High praise to the eternal King, me, that in the abridgment some very beautiful lines and thoughts wake, I wake, ye heavenly choir :

May your devotion me inspire, are usually omitted.

That I like you, my age may spend, The following is, I believe, a cor- Like you, may on my God attend ! rect copy of these celebrated hymns, May I, like you, in God delight, as they came from the hands of

Have, all day long, my God in sight; the author. Various improvements Perform, like you, my Maker's will. might, doubtless, be suggested, and, O may I never more do ill ! among others, the alteration of such Had I your wings, to heav'n I'd fly; words as 6 dear” and “lovers,” But God shall that defect supply, which do not convey precisely the And my soul, wing'd with warm desire, same associations now as in Bishop Shall all day long to heav'n aspire. Kenn's time; but I doubt whether All praise to thee, who safe hast kept, the popular substitution of "early" And hast refresh'd me, whilst I slept: for “joyful,” in the first stanza, is Grant, Lord, when Ifrom death shall wake, an improvement; for a man who I may of endless life partake. awakes and rises with the sun, may I would not wake, nor rise again : be concluded to rise “early,” though Ev'n heav'n itself I would disdain, such is the insensibility of our And I in hymns to be employ'd.

Wert thou not there to be enjoy'd, hearts for the greatest mercies, that he may still need, like the royal O never then from me depart ;

Heav'n is, dear Lord, where'er thou art : Psalmist, to exhort himself to pay for to my soul, 'tis hell to be his sacrifice of praise and thanks. But for one moment void of thee. giving with a “joyful” heart. Some Lord, I my vows to thee renew, of the other current corrections are, Disperse my sins, as morning dew; doubtless, improvements; and I Guard my first springs of thought and will, think it might be well if among other And with thyself my spirit fill. alterations, a slight turn were given Direct, controul, suggest this day, to one or two expressions which, All I design, or do, or say; to many minds, wear a somewhat That all my pow'rs, with all their might, self-righteous cast; though nothing In thy sole glory may unite. can be more clear than the ortho- Praise God, from whom all blessings flow, dox and scriptural complexion of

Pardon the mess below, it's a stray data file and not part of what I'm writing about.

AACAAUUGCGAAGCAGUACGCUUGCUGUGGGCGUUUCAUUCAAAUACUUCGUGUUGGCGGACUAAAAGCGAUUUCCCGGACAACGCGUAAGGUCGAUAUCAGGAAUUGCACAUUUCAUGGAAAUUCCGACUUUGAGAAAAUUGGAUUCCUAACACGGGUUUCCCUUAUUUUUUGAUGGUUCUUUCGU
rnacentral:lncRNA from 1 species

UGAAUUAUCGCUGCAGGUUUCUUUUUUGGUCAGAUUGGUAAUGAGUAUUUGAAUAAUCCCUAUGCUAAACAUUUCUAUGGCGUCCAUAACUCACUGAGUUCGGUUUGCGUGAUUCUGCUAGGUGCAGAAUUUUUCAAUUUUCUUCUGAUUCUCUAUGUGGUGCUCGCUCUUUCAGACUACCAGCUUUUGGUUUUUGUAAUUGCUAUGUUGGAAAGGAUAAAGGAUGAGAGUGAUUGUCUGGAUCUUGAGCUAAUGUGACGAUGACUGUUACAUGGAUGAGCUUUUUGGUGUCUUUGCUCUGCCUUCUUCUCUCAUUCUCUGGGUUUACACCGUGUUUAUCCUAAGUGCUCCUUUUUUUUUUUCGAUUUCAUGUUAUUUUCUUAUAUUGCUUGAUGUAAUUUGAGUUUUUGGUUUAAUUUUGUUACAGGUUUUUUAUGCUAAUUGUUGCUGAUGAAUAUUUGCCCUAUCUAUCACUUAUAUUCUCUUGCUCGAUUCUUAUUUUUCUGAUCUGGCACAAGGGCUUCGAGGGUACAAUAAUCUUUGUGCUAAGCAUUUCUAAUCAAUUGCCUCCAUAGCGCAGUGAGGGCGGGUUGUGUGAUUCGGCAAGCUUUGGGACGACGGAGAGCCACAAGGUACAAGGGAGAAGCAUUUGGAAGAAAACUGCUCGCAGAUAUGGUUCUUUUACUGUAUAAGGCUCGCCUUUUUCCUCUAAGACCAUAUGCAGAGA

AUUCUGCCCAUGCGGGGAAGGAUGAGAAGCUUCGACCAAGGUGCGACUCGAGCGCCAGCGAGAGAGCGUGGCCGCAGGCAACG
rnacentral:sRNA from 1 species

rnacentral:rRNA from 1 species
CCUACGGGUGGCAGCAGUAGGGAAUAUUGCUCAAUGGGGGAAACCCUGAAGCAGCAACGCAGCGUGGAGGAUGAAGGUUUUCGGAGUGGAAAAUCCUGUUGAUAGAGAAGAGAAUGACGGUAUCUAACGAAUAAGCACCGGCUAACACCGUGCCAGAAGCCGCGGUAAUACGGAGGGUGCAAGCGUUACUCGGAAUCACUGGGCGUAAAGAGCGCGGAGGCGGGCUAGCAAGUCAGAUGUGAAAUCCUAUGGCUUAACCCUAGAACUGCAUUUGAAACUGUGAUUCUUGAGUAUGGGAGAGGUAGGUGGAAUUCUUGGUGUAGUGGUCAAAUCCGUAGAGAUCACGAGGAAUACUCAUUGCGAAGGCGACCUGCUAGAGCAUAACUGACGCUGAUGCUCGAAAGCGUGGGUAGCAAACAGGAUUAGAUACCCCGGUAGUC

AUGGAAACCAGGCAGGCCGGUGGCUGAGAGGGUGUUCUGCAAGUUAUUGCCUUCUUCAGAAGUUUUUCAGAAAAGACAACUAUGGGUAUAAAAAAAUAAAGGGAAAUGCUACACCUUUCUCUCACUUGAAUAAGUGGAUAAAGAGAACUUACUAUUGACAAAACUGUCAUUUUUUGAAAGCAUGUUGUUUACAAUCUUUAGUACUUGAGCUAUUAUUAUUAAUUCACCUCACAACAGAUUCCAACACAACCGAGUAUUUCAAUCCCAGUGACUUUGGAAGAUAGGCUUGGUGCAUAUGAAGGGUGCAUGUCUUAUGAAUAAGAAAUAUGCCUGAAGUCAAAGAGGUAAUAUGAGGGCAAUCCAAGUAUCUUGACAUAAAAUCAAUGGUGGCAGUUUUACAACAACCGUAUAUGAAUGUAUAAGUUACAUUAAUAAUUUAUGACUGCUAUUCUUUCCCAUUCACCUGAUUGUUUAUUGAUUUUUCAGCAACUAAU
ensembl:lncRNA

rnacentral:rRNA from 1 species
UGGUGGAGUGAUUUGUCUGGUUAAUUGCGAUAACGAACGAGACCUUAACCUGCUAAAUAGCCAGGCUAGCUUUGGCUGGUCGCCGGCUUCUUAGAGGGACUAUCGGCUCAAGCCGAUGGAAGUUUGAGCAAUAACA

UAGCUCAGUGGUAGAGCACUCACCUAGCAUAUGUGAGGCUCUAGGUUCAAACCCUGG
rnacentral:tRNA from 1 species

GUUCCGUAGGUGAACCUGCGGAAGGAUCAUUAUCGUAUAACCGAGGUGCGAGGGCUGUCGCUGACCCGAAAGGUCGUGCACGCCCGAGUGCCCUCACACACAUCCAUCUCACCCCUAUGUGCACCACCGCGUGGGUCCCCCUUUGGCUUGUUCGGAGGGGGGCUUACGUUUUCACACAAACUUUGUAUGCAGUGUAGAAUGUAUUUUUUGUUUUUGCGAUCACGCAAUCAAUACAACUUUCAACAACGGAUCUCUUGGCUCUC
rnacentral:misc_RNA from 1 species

&c. the whole composition.

All praise to thee, my God, this night, WINTONENSIS,

For all the blessings of the light :

Keep me, O keep me, King of kings, MORNING HYMN,

Beneath thy own almighty wings. AWAKE, my soul, and with the sun

Forgive me, Lord, for thy dear Son, Thy daily stage of duty run :

The ill that I this day have done; Shake off dull sloth, and joyful rise,

That with the world, myself, and thce, To pay thy morning sacrifice.

I, ere I sleep, at peace may be.
Thy precious time, mis-spent, redeem;

Teach me to live, that I may dread
Each present day, thy last esteem; The grave as little as my bed;
Improve thy talent with due care ; To die, that this vile body may
For the great day thyself prepare. Rise glorious at the awful day.
In conversation be sincere,

O may my soul on thee repose,
Keep conscience, as the noon-tide, clear; And may sweet sleep mine eye-lids close;
Think how th' all-seeing God thy ways, Sleep, that may me more vig'rous make,
And all thy secret thoughts, surveys. To serve my God, when I awake.
By influence of the light divine,

When in the night I sleepless lie, Let thy own light to others shine; My soul with heavenly thoughts supply: